Amelia nodded modestly. "With Terry and Bob and Patsy," she said. "It worked great. We had a big area to cover."

"Then I'm sure we can do one here," Octavia said. She looked interested and excited. It was like her face had woken up. I realized that what I'd seen before had been her depressed face. And I was getting enough from her head (now that she wasn't concentrating on keeping me out) to let me know that Octavia had spent a month after Katrina wondering where her next meal would come from, where she'd lay her head from night to night. Now she lived with family, though I didn't get a clean picture.

"I brought the stuff with me," Amelia said. Her brain was radiating pride and relief. She might yet get out from under the Bob contretemps without paying a huge price.

Dawson stood leaning against the wall, listening with apparent interest. Since he was a Were, it was hard to read his thoughts, but he was definitely relaxed.

I envied him. It wasn't possible for me to be at ease in this terrible little apartment, which almost echoed with the violence done in its walls. I was scared to sit on the love seat or the armchair, both upholstered in blue and white checks. The carpet was a darker blue, and the paint was white. Everything matched. The apartment was a little dull for my taste. But it had been neat and clean and carefully arranged, and less than twenty-four hours ago it had been a home.

I could see through to the bedroom, where the covers were thrown back. This was the only sign of disorder in the bedroom or the kitchen. The living room had been the center of the violence.

For lack of a better place to park myself, I went to lean against the bare wall beside Dawson.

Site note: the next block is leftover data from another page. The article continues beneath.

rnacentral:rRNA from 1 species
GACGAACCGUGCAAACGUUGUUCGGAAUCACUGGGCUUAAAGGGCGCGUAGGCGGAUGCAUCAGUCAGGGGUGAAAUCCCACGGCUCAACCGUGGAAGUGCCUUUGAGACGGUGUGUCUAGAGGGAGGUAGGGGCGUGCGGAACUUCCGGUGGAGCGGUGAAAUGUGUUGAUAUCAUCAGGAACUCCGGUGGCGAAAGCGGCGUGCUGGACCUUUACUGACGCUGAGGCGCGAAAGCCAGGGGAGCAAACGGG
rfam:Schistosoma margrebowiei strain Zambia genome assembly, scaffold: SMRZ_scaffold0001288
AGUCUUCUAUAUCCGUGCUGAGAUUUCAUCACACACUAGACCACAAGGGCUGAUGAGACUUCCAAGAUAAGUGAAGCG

I didn't think the motorcycle repairman and I had ever had a long conversation, though he'd gotten shot in my defense a few months before. I'd heard that the law (in this case, Andy Bellefleur and his fellow detective Alcee Beck) suspected more took place at Dawson's shop than motorcycle repairs, but they'd never caught Dawson doing anything illegal. Dawson also hired out as a bodyguard from time to time, or maybe he volunteered his services. He was certainly suited to the job.

"Were you friends?" Dawson rumbled, nodding his head at the bloodiest spot on the floor, the spot where Maria-Star had died.

"We were more like friendly acquaintances," I said, not wanting to claim more grief than my due. "I saw her at a wedding a couple of nights ago." I started to say she'd been fine then, but that would have been stupid. You don't sicken before you're murdered.

"When was the last time anyone talked to Maria-Star?" Amelia asked Dawson. "I need to establish some time limits."

"Eleven last night," he said. "Phone call from Alcide. He was out of town, with witnesses. Neighbor heard a big to-do from in here about thirty minutes after that, called the police." That was a long speech for Dawson. Amelia went back to her preparations, and Octavia read a thin book that Amelia had extracted from her little backpack.

"Have you ever watched one of these before?" Dawson said to me.

"Yeah, in New Orleans. I gather this is kind of rare and hard to do. Amelia's really good."

"She's livin' with you?"

I nodded.

"That's what I heard," he said. We were quiet for a moment. Dawson was proving to be a restful companion as well as a handy hunk of muscle.